Flu News Friday: The Latest in Influenza Vaccines

The Influenzer Initiative
3 min readSep 24, 2021


September 24, 2021

It’s time to get your flu shot, learn more about the seasonal influenza vaccine here.

Figure 1. of Dhanasekaran et al. Streamgraph showing temporal changes in influenza lineage circulation.

1. CDC: It’s Safe to Get COVID, Flu Vaccines at Same Time

Michael Vlessides, WebMD / September 16, 2021

The U.S. Centers for Disease Control and Prevention made updated recommendations regarding seasonal influenza vaccines: vaccines against SARS-CoV-2 and influenza can be administered simultaneously, compared to previous recommendations about spacing the two vaccines by two weeks. Experts are not concerned about the new recommendation; the MMR vaccine is one example of an efficacious vaccine that stimulates a protective immune response against three viruses: measles, mumps, and rubella. Furthermore, preventing both influenza and COVID-19 through vaccination provides the opportunity to reduce the burden on the health system.

2. Human seasonal influenza under COVID-19 and the potential consequences of influenza lineage elimination [PrePrint]

Dhanasekaran et al., Research Square / September 14, 2021

This article examines the changes in influenza antigenic evolution and cases during the COVID-19 Pandemic. While influenza normally causes substantial levels of morbidity, mortality, and economic loss, during the Pandemic its circulation has been extinguished to low levels with reduced genetic diversity. Global levels of influenza transmission have been low, however, there has been sustained, independent transmission of particular lineages in smaller regions of higher population densities. The influenza B/Yamagata lineage has not been isolated since the beginning of 2020, and its impact on flu dynamics and vaccines in temperate versus sub-tropical and tropical regions is discussed. Scientists predict that future influenza seasons will have greater severity as all-population immunity wanes, and call for a renewed focus on the development of a UIV.

3. A “Prime and Deploy” Strategy for Universal Influenza Vaccine Targeting Nucleoprotein Induces Lung-Resident Memory CD8 T cells

Chung et al., Immune Network / August 23, 2021

A two-vaccine “prime-deploy” strategy was tested to examine if it increased the protective efficacy of an intramuscular, DNA-based universal B influenza vaccine expressing the conserved nucleoprotein (NP). The DNA UIV was first administered to prime and generate NP-specific CD8 T-cell responses. The second vaccine, administered intranasally, used a viral vector platform without an antigen with the sole purpose to recruit and “deploy” the T-cells into the lungs through triggering an innate inflammatory immune response. This is to be contrasted with “prime- boost” vaccination, a regimen involving two vaccines administered subsequently, both containing antigens. The prime-deploy strategy was found to establish lung-resident memory CD8 T-cells and improve protection against influenza B.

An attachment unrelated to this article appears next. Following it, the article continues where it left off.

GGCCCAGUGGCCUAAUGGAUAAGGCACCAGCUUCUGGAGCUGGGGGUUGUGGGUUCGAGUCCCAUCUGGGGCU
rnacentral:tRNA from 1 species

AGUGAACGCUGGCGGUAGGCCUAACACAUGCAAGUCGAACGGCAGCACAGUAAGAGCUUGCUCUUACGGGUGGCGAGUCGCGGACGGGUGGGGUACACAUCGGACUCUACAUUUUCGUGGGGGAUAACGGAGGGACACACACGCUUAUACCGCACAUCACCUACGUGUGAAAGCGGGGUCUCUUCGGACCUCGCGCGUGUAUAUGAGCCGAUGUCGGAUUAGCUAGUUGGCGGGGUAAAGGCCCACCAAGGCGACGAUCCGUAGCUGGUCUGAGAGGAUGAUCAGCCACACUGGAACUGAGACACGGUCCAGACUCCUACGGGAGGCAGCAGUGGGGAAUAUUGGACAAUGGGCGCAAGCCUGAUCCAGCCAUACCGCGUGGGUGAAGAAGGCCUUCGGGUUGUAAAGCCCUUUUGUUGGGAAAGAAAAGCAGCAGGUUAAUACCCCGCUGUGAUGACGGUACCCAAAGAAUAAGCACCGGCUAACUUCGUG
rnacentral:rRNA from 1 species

4. Novel TLR4 adjuvant elicits protection against homologous and heterologous Influenza A infection

Haupt et al., Vaccine / August 23, 2021

Scientists designed an influenza vaccine adjuvant using Bacterial Enzymatic Combinatorial Chemistry (BECC) technology. The adjuvant consisted of a lipid that has the purpose of stimulating Toll-like receptors to generate signals that initiate a downstream adaptive immune response. The adjuvant was administered with a recombinant influenza A vaccine and showed improved immune responses during both homologous and heterologous challenge in mice, compared to the known Alum and PHAD adjuvants, while also showing vaccine dose-sparing capacity.

5. A single oral immunization with a replication-competent adenovirus-vectored vaccine protects mice from influenza respiratory infection

Goffin et al., bioRxiv / July 21, 2021

Scientists compared the immune responses to an oral, viral vectored influenza vaccine when expressing a normal versus a headless hemagglutinin (HA) in a mouse model. Mucosal vaccines, oral or intranasally, have been increasingly studied for their practicality and their potential to induce robust T-cell responses and improve vaccine efficacy. The adenovirus-vectored vaccine expressing normal HA was found to provide protection against homologous challenge while eliciting a T-cell response.

6. Funding Opportunities & Information

Protein antigen production services for the influenza vaccine antigens project [Contract Opportunity]

National Institute for Allergy & Infectious Diseases / Due September 21, 2021

Visit Influenzer.org to learn more about our journey to accelerate the development of a universal influenza vaccine. @TheInfluenzers



The Influenzer Initiative

Engaging and informing expertise from across research disciplines and industry sectors to drive innovation towards universal influenza vaccine development.